As a relative newcomer to FCC Bristol, I can honestly say that I am a bit in awe of all of you. Numbering over 100 parishioners, you not only carry out all of these activities and events each year, each month and each week. But when the need arises – when rotten sills are discovered, when the 2-foot thick stone walls slowly sink and the plaster cracks, or the massive sanctuary windows dry out with age and the glass panes start falling out, you raise your hands, roll up your sleeves, dig into your pockets, create your Action Plan, and get the job done. In the early 2000s, major structural deterioration of the sanctuary foundations and other major building challenges jump-started a $1.2M effort to keep the church from falling down. You built new foundations and a new basement, repaired the bell tower, roofs, gutters, plumbing, repaired the DeWolf Room acoustics, put in new landscaping, made upgrades to the Wardwell Room and the Sunday School wing, upgraded electrics and so much more, both at the church and the Guiteras House. In 2019, the Narthex project raised an additional $20,000 to make repairs to the tile flooring, plumbing, plaster, and painting, and to add beautiful new lighting fixtures. In 2021, we launched the Capital Campaign to preserve the windows in the sanctuary. Since then, the church – led by our Facilities Committee, has tackled repairs and replacements of the Sunday School and Guiteras roofs, new audio-video systems, electronic and plumbing upgrades, and the creation of the rental unit on the second floor of the Guiteras House which is currently bringing in monthly long-term income.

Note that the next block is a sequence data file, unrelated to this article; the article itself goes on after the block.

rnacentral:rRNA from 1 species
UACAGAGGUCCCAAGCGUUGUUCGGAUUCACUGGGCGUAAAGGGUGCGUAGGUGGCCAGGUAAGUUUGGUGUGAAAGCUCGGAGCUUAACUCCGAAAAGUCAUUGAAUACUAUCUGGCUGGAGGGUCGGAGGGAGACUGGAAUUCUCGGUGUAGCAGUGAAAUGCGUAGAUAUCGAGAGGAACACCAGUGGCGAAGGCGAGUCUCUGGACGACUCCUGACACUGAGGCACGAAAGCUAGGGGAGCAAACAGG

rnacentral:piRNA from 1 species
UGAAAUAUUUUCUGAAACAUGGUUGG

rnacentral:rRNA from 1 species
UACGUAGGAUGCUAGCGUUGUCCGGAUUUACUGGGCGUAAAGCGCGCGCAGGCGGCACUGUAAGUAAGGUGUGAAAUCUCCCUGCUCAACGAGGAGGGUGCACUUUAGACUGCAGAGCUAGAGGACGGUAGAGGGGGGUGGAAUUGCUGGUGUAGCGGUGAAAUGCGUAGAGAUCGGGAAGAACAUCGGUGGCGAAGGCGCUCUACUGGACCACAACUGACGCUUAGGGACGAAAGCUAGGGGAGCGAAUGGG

I am here this morning to report on the progress of the most recent Capital Campaign, focusing on the preservation of the Sanctuary windows. Starting in 2021, the church has raised funding totaling $147,400, primarily through pledges and grants, and contracted with New Outlook Historic Window Restoration, to cover the cost of preserving the windows on the South facade of the sanctuary. These were by far the most damaged windows. These windows are now back to their original state, including the ability to be opened! With these restorations, including tight-fitting etched glass panes, we will no longer have uninvited winter breezes blowing into the building. This should lower our heating costs in addition to looking beautiful.